4. The method of claim 3, the liquid ejection device including a catcher, the method further comprising:
collecting the non-printing drops with the catcher.
5. The method of claim 4, the catcher including a fluid return channel, the method further comprising:
employing an eyelid to seal against the bottom of the catcher and to divert the liquid of the drops into the fluid return channel of the catcher.
6. The method of claim 1, further comprising:
identifying a clogged nozzle and the thermal stimulation device associated with the clogged nozzle; and
using the controller to provide a second activation waveform to only the thermal stimulation device associated with the clogged nozzle to clean the associated nozzle with liquid emitted from the associated nozzle.
7. The method of claim 1 wherein the duration of the second activation waveform is greater than 5 seconds.
8. The method of claim 7 wherein the duration of the second activation waveform is greater than 15 seconds.
9. The method of claim 1 wherein the duration of the second activation waveform is less than 5 seconds.
10. The method of claim 1 wherein the liquid emitted from the nozzle is an ink.
11. The method of claim 1 wherein the liquid emitted from the nozzle is a cleaning fluid having a lower boiling point than an ink normally emitted from the nozzles.
12. A method of cleaning a continuous liquid ejection device comprising:
providing a jetting module including an array of nozzles;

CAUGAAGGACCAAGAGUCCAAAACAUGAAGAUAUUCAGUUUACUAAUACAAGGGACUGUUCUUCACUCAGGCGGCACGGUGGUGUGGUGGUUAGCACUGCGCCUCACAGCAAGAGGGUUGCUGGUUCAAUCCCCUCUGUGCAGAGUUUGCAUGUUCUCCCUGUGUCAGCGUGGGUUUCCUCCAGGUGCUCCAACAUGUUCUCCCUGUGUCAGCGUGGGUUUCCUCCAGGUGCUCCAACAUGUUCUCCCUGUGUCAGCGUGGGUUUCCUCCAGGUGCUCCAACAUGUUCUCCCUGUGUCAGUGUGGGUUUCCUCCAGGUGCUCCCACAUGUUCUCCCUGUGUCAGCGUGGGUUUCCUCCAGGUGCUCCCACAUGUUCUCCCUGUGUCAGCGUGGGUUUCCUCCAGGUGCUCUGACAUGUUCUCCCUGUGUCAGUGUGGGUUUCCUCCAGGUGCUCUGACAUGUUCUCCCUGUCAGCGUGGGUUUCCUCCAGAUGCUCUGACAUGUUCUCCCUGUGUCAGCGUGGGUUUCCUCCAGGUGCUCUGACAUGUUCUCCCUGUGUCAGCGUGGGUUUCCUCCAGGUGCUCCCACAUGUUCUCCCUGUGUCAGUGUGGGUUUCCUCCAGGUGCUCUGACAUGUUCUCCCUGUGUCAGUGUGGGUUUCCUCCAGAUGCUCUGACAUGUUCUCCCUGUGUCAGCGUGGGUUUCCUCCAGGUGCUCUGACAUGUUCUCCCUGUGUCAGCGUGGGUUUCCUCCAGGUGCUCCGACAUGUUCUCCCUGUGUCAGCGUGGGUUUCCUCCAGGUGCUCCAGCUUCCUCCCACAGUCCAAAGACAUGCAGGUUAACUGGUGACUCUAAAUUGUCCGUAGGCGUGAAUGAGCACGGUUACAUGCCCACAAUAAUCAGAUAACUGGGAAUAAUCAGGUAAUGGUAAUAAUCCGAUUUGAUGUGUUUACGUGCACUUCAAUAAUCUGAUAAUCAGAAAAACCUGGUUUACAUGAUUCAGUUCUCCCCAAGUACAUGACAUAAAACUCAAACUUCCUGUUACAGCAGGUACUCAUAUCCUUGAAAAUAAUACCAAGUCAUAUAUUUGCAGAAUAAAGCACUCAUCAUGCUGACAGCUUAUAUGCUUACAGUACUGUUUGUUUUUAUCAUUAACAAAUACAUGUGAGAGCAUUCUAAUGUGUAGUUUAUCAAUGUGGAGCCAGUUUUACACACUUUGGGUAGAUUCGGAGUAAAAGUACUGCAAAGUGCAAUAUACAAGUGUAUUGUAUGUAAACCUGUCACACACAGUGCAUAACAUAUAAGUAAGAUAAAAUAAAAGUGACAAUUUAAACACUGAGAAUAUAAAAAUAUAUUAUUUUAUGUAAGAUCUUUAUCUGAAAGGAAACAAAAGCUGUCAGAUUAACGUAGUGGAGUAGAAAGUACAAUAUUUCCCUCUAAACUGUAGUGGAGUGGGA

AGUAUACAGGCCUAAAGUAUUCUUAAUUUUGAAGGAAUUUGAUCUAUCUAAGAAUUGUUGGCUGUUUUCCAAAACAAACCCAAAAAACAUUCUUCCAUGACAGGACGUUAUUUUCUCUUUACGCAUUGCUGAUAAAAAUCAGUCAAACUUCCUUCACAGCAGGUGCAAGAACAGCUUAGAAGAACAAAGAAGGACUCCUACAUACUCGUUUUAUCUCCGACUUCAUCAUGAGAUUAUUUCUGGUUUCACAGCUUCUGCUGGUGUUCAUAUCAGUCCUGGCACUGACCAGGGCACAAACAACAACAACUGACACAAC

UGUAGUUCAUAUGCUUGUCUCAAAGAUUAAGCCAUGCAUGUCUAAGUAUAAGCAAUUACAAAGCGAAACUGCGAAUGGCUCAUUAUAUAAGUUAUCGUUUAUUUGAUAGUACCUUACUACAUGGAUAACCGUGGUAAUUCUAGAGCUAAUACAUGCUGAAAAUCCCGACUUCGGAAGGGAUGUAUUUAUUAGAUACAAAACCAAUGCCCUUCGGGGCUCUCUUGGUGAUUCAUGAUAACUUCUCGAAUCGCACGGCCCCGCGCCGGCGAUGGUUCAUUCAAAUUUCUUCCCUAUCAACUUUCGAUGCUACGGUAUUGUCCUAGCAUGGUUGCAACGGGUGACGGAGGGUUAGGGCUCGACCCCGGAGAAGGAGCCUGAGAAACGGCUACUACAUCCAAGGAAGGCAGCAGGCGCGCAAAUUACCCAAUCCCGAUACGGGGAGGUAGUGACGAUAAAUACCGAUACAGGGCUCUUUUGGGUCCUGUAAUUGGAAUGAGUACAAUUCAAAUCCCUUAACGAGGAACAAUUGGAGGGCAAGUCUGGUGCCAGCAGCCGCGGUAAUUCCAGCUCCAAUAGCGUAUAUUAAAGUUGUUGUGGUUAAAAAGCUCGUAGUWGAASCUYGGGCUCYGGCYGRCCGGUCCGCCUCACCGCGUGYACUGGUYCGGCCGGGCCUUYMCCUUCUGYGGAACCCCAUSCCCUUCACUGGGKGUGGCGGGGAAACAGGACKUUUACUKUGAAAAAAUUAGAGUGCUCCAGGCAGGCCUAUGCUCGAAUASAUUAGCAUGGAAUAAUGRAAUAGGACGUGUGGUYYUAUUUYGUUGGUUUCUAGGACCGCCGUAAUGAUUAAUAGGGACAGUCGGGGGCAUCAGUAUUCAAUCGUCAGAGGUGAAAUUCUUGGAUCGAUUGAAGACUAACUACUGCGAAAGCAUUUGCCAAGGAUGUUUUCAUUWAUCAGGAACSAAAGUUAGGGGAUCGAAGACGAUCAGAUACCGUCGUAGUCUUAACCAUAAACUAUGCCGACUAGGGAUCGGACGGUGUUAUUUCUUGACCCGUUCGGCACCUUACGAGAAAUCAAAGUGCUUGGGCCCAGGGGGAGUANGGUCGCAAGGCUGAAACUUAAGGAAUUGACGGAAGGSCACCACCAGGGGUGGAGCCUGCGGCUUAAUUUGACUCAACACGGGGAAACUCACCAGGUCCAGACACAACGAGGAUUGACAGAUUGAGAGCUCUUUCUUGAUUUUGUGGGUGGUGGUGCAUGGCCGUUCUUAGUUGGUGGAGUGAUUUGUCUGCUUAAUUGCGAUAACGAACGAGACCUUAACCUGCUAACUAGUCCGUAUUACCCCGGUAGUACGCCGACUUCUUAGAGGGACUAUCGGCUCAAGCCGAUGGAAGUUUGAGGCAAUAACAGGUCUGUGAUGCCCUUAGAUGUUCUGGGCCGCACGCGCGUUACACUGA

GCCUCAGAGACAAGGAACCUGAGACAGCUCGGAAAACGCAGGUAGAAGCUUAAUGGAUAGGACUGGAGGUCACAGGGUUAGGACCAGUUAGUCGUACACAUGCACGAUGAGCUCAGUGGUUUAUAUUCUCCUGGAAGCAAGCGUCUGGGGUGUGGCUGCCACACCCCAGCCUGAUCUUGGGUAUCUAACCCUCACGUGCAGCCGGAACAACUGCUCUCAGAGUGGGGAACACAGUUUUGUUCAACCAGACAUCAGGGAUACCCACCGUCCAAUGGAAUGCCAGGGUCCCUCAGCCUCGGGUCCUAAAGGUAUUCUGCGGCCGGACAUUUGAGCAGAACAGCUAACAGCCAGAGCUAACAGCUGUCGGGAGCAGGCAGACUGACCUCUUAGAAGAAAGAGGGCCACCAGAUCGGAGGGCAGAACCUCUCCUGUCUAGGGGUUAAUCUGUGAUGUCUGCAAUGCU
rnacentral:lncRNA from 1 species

providing a thermal stimulation device associated with each nozzle of the array of nozzles;
using a controller in electrical communication with each thermal stimulation device to provide a first activation waveform to each thermal stimulation device;
using the controller to provide a second activation waveform to increase an average power of each thermal stimulation device to clean the associated nozzle with liquid emitted from the associated nozzle, the second activation waveform having a higher activation component, when compared to the first activation waveform, that increases the average power of each thermal stimulation device;
identifying a clogged nozzle and the thermal stimulation device associated with the clogged nozzle; and
using the controller to provide the second activation waveform to only the thermal stimulation device associated with the clogged nozzle to clean the associated nozzle with liquid emitted from the associated nozzle.
13. A method of cleaning a continuous liquid ejection device comprising:
providing a jetting module including an array of nozzles;
providing a thermal stimulation device associated with each nozzle of the array of nozzles;
using a controller in electrical communication with each thermal stimulation device to provide a first activation waveform to each thermal stimulation device; and